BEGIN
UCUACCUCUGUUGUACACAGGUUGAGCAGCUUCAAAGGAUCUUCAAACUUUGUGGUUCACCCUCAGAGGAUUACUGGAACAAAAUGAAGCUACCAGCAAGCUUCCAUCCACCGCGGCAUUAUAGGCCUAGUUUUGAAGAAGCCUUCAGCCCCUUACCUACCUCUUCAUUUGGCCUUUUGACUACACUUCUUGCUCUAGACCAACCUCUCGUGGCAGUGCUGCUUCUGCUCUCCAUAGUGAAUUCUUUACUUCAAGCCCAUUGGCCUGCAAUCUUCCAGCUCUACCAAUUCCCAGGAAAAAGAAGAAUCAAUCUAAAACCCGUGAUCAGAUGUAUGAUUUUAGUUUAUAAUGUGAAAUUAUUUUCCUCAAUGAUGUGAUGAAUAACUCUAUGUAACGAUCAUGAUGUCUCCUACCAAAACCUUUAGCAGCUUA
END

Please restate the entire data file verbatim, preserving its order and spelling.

UCUACCUCUGUUGUACACAGGUUGAGCAGCUUCAAAGGAUCUUCAAACUUUGUGGUUCACCCUCAGAGGAUUACUGGAACAAAAUGAAGCUACCAGCAAGCUUCCAUCCACCGCGGCAUUAUAGGCCUAGUUUUGAAGAAGCCUUCAGCCCCUUACCUACCUCUUCAUUUGGCCUUUUGACUACACUUCUUGCUCUAGACCAACCUCUCGUGGCAGUGCUGCUUCUGCUCUCCAUAGUGAAUUCUUUACUUCAAGCCCAUUGGCCUGCAAUCUUCCAGCUCUACCAAUUCCCAGGAAAAAGAAGAAUCAAUCUAAAACCCGUGAUCAGAUGUAUGAUUUUAGUUUAUAAUGUGAAAUUAUUUUCCUCAAUGAUGUGAUGAAUAACUCUAUGUAACGAUCAUGAUGUCUCCUACCAAAACCUUUAGCAGCUUA